More recently, temperature sensitive microsensors have been used to objectively measure orthodontic OA use. These microsensors record temperature changes, assuming a difference between room and intraoral temperature. Schott and Göz 64 assessed the accuracy of 2 tempera-ture-sensitive microsensors: the Smart Retainer (discontinued production) and the TheraMon microsensor (IFT Handels und Entwicklungsgesellschaft GmbH, Handelsagentur Gschladt, Hargelsberg, Austria) using in vitro testing in a programmable water bath. They reported that the TheraMon microsensor is more accurate, with the Smart Retainer overestimating wear time by 1 h. However, the water bath was programmed to room temperature and oral temperature while not taking into account the time it takes for the water bath to heat or cool. A year later, in vivo testing of the microsensor was conducted by Schott and Göz58 on patients fitted with upper and lower active plates, functional appliances or retention devices. However, they provide only 1 case report of a patient wearing an upper appliance and no statistical analysis of the accuracy of the device. In 2013, Schott et al. 30 published a study examining the adherence rate of patients fitted with retainers or functional appliances during the retention phase of their orthodontic treatment. Although patients were instructed to wear the appliances at least 8 h/day, the median wear time was 7 h/day. The report stated that adherence rates were influenced by age, sex and place of treatment, but these differences were not statistically significant. Using the TheraMon microsensor, Pauls et al. 29 found that orthodontic patients tended to overestimate their OA use by an average of 2.7 h/day. Informing and confronting the patients with their objectively measured OA use led to a more accurate subjective estimation, with an average overestimation of only 0.7 h/day. The first report on intraoral recording of OA compliance during treatment for OSA was published by Lowe et al.65 This ceramic monitor had a memory system and temperature sensor that would monitor wear time based on temperature measured above 31°C. Several problems with this device were reported, including the damaging effect of saliva, heat intolerance of the electronic components and energy consumption over a long period. 65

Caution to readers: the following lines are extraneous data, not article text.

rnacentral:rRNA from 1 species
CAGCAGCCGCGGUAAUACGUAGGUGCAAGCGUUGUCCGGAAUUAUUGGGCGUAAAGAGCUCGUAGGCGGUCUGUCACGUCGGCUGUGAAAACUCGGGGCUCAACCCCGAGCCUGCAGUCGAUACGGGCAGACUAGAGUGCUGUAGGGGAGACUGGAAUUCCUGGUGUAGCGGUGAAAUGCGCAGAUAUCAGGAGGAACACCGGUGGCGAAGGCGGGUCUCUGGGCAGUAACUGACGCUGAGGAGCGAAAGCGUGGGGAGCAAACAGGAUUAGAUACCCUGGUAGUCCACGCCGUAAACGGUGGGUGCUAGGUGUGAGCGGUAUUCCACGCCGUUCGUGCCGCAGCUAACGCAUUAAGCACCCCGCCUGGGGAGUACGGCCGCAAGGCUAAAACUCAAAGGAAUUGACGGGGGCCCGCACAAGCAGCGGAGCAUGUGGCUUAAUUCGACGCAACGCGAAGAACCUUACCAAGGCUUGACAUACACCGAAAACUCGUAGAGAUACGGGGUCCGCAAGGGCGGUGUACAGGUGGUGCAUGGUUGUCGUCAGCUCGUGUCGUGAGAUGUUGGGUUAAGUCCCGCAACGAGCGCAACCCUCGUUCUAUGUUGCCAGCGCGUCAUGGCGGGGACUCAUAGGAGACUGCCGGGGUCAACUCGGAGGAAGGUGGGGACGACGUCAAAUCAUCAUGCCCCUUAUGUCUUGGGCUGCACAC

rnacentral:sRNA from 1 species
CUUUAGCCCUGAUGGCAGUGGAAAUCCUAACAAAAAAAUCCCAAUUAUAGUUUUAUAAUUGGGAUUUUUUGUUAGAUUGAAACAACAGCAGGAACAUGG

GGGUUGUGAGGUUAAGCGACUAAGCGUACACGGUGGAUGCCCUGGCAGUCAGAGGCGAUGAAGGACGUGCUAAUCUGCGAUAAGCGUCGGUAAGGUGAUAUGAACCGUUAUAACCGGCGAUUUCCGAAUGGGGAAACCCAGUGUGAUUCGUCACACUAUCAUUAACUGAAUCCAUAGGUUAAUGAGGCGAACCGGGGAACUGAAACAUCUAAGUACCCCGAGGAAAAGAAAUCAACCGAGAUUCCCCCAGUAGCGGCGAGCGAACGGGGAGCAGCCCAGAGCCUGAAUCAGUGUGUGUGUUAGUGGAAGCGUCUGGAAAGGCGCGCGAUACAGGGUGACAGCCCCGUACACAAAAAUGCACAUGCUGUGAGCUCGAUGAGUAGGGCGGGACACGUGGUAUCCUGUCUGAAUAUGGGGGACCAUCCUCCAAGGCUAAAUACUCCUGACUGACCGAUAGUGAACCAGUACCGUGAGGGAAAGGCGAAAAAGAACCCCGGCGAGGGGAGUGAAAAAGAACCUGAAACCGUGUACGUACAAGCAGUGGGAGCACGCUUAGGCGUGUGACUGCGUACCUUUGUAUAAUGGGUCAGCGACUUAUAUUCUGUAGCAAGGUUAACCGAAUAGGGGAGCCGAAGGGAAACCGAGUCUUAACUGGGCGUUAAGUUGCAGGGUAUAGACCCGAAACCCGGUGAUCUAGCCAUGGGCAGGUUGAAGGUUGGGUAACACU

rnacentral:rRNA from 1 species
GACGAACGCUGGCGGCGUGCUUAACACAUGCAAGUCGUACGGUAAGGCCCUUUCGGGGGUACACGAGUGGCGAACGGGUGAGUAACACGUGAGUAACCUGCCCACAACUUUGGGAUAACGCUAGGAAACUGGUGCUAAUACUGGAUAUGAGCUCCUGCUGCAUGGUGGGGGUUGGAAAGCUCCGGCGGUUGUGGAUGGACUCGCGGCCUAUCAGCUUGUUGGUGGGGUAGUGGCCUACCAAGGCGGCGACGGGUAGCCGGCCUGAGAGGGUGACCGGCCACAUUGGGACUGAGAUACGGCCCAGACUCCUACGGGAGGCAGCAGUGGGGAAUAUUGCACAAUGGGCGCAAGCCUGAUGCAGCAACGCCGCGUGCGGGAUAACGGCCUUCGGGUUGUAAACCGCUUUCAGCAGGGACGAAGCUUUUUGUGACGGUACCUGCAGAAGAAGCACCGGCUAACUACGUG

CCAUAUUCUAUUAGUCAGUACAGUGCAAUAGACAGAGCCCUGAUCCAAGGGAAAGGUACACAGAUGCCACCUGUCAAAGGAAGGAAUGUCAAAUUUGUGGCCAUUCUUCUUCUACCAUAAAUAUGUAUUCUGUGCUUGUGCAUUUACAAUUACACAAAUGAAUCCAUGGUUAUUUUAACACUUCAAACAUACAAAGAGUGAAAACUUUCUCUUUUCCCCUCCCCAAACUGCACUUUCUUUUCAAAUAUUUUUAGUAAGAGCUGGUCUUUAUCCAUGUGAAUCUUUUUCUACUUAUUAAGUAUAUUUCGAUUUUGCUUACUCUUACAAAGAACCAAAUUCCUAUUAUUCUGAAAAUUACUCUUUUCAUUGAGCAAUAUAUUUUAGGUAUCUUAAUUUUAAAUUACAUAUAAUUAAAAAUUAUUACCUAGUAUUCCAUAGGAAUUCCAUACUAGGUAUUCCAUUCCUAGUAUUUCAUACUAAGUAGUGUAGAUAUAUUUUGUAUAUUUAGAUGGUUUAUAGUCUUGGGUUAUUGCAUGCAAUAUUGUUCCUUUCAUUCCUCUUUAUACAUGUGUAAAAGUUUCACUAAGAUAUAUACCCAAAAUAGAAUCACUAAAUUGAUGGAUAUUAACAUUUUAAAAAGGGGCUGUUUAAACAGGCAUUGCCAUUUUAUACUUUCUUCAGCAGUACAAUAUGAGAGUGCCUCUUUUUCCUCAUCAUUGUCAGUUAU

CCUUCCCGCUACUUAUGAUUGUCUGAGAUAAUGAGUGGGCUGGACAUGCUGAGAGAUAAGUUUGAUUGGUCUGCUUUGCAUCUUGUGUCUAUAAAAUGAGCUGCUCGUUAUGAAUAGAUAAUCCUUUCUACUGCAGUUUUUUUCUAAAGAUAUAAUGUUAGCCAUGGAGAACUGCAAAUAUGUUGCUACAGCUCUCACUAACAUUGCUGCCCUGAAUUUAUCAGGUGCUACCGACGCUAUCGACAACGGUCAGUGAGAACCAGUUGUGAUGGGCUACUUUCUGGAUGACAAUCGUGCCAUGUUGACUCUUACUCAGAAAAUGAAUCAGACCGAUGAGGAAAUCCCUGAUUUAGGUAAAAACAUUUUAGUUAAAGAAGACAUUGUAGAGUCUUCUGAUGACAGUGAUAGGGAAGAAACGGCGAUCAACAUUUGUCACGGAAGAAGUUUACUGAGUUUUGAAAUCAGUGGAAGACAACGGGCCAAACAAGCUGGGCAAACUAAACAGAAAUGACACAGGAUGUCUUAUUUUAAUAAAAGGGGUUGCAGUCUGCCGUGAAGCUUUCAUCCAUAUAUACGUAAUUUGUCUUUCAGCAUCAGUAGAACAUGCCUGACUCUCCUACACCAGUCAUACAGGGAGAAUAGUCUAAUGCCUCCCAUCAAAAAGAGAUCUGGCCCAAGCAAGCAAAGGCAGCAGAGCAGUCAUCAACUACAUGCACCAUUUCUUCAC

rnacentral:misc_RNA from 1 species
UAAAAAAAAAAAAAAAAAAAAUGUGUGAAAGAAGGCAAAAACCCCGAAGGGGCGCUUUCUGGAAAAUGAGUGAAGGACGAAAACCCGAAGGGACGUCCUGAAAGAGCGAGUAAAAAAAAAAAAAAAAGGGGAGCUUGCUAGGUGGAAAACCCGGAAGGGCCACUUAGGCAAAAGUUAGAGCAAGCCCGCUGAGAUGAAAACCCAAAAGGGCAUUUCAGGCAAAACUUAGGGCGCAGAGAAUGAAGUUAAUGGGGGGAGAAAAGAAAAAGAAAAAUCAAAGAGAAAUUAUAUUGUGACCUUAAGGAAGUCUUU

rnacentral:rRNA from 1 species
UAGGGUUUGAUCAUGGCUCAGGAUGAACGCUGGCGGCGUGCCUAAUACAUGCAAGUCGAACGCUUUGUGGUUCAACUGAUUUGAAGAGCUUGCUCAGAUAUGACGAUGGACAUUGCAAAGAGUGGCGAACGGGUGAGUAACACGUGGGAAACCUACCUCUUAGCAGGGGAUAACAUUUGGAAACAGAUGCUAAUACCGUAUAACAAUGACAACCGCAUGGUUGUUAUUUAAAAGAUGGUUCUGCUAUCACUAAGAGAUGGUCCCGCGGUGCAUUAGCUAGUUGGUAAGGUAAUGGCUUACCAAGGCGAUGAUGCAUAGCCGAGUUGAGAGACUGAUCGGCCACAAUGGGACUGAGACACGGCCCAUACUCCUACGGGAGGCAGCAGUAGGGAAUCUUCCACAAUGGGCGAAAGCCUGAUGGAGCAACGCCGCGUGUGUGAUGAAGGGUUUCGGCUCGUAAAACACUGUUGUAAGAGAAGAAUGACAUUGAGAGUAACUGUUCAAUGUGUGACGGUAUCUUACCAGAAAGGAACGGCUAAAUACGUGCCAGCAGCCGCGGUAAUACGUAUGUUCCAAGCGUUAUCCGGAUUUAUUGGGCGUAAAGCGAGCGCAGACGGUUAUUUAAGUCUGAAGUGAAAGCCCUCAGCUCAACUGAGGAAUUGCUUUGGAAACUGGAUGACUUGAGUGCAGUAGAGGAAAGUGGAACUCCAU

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Vanderveken et al. 18 were the first to assess the safety and feasibility of the TheraMon microsensor in vivo in dental sleep medicine. In their 3-month prospective clinical trial, they demonstrated that this compliance monitor could be used safely. No adverse effects, including oral burns, lesions or detachment of the microsensor were reported by the participants. Only 1 of 51 sensors was disqualified in this study because of technical problems. Recently, long-term results with the TheraMon microsensor in dental sleep medicine showed relatively high objective OA use on 1-year follow-up. 66 To our knowledge, 3 microsensors that can be integrated into removable OAs for OSA are currently available commercially. These sensors differ in terms of data-recording interval, longevity, form of readout signals, size, weight, storage capacity and availability of a patient station, which permits patients to monitor their own adherence and upload their data remotely. Kirshenblatt et al.67 tested the accuracy of these thermosensitive microsensors in vitro using a water bath (34–37°C) to simulate OA wear time. The TheraMon microsensor was accurate during both short and long durations of simulated OA wear, whereas the AIR AID SLEEP sensor (AIR AID GmbH & Co. KG, Frankfurt, Germany) significantly underestimated OA use during short durations by 3.67 ± 9.34 min./ day, (mean and standard deviation) and the DentiTrac microsensor (Braebon Medical Corporation, Kanata, Canada) overestimated OA use during both short and long durations by 8.34 ± 3.62 min./day and 3.53 ± 2.42 min./day, respectively. However, these under- and overestimations were considered not clinically relevant.